In September of 2014, Friends of the Earth, joined by Public Employees for Environmental Responsibility, Mothers for Peace and the Santa Lucia Chapter of the Sierra Club filed a Freedom of Information Act request to determine whether the NRC and PG&E improperly worked together on a public relations strategy to counteract widespread news coverage of the evidence of the NRC’s own expert that Diablo Canyon can not be shown to be able to withstand a major earthquake. According to the FOIA request, filed with the NRC in Washington:

The PG&E seismic report, released on the same day [as the decision on the inspector’s dissent] indicates a possible relationship between the regulator and its licensee that has brought up widespread public concern regarding the independence of the regulator. There have been numerous concerns as to how the two documents could have been released simultaneously, given that [the handling of the inspector’s dissent] has been kept secret.

Dr. Michael Peck, the former chief inspector at Diablo Canyon, in June 2013 filed a dissent known as a Differing Professional Opinion, or DPO, raising concerns that the plant might not withstand an earthquake on one of several fault lines that were not known when it was designed and built more than 40 years ago. Peck called for the shutdown of the plant until and unless PG&E could prove it is safe.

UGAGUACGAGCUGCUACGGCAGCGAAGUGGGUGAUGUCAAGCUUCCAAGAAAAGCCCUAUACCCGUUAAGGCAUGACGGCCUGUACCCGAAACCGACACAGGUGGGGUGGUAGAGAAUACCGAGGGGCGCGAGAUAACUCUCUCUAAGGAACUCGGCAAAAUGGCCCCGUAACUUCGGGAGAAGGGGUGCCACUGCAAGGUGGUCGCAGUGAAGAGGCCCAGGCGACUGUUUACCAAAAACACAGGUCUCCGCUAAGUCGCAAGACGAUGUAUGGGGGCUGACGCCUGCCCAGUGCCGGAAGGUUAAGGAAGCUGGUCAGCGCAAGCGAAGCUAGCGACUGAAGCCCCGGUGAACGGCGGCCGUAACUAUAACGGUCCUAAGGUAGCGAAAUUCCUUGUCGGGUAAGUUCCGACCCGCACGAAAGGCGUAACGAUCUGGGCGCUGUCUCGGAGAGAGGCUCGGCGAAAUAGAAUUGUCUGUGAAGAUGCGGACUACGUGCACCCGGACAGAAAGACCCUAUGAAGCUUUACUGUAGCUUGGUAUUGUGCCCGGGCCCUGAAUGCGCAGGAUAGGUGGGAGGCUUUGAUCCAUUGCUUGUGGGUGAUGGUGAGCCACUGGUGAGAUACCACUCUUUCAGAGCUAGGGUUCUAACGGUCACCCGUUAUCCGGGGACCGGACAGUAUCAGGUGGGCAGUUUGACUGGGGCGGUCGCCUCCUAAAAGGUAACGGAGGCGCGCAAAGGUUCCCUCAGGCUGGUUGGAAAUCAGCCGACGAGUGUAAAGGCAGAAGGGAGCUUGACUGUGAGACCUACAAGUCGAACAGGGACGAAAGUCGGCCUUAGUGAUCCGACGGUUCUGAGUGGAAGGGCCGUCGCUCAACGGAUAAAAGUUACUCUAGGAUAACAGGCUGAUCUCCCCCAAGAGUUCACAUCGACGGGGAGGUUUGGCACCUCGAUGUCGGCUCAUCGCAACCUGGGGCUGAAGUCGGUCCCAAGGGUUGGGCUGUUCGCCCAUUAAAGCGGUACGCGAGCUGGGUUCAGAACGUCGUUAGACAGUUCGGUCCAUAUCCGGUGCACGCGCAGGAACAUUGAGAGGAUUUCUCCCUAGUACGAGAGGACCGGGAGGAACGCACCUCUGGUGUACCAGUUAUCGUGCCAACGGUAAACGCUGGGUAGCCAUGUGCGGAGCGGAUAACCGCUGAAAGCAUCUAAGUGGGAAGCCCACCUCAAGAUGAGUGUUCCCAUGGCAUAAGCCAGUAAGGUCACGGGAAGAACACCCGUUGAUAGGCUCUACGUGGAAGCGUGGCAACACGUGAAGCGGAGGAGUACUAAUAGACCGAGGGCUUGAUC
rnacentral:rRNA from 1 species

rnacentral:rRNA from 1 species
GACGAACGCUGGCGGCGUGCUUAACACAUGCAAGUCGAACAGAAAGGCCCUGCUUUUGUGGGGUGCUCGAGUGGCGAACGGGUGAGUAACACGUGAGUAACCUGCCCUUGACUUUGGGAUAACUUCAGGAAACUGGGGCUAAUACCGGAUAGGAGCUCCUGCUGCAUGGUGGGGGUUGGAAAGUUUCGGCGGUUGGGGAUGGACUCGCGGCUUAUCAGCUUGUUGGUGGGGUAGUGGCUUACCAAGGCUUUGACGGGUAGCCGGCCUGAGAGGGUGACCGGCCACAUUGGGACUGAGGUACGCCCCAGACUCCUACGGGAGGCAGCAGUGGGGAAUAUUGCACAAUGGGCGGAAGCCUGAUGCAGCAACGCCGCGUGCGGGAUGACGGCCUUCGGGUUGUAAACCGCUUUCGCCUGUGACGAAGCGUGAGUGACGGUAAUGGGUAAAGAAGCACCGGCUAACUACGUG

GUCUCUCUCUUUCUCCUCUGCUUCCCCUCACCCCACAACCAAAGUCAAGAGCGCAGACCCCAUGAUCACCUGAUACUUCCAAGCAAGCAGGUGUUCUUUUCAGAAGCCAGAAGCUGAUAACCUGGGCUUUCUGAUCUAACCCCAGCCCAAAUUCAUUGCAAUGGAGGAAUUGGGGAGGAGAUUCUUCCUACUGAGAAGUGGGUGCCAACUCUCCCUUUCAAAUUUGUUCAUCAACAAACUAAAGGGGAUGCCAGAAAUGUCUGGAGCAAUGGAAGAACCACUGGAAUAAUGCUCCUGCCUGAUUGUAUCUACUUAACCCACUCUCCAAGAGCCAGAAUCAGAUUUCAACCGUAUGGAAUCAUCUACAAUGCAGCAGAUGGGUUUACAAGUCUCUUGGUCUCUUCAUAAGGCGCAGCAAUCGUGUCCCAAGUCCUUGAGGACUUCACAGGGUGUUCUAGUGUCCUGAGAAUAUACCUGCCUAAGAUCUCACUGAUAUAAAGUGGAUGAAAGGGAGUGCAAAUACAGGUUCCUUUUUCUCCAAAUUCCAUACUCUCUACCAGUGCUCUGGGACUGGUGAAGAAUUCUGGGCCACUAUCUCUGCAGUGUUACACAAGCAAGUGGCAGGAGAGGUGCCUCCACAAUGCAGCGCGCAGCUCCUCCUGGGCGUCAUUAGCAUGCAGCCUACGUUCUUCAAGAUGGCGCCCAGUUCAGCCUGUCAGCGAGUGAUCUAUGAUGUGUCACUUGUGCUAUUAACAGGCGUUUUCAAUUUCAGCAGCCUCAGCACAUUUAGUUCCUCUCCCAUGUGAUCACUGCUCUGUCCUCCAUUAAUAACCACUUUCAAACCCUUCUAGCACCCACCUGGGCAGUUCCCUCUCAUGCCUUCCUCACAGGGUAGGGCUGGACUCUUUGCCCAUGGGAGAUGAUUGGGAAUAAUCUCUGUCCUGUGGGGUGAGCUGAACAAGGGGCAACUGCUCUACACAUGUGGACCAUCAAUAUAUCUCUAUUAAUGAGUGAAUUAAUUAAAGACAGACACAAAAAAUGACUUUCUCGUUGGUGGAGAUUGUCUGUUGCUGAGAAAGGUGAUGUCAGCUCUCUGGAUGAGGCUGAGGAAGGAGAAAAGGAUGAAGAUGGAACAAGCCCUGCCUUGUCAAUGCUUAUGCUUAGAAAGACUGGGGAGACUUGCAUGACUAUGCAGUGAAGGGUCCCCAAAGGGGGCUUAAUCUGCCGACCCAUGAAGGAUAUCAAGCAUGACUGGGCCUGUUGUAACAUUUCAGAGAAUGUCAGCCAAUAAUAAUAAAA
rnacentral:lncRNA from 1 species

Nine environmental groups and the Natural Resources Defense Council (NRDC) filed lawsuits in the D.C. Court of Appeals challenging the NRC decision to proceed with an “extended waste storage rule” which concludes, based on no evidence whatsoever, that radioactive wastes can be stored on site – either in pools or dry casks – for 600 years with no risks to public safety!

The NRC has not even considered the question of whether reactors should be licensed given the environmental risks and high costs of spent fuel storage and disposal.”


MFP is working in concert with Friends of the Earth and the Safe Energy Project in Santa Barbara to persuade the California State Water Resources Control Board (Water Board) to enforce State policy to stop all Once Through Cooling on the California Coast.

In 2010, California enacted a new policy intended to address the water and marine environmental protection problems posed by the antiquated once through cooling systems of power plants up and down the California coast. The new Once Through Cooling policy required that all coastal power plants – fossil fueled or nuclear -  have in place cooling systems that conserved water and protected the marine environment by 2015.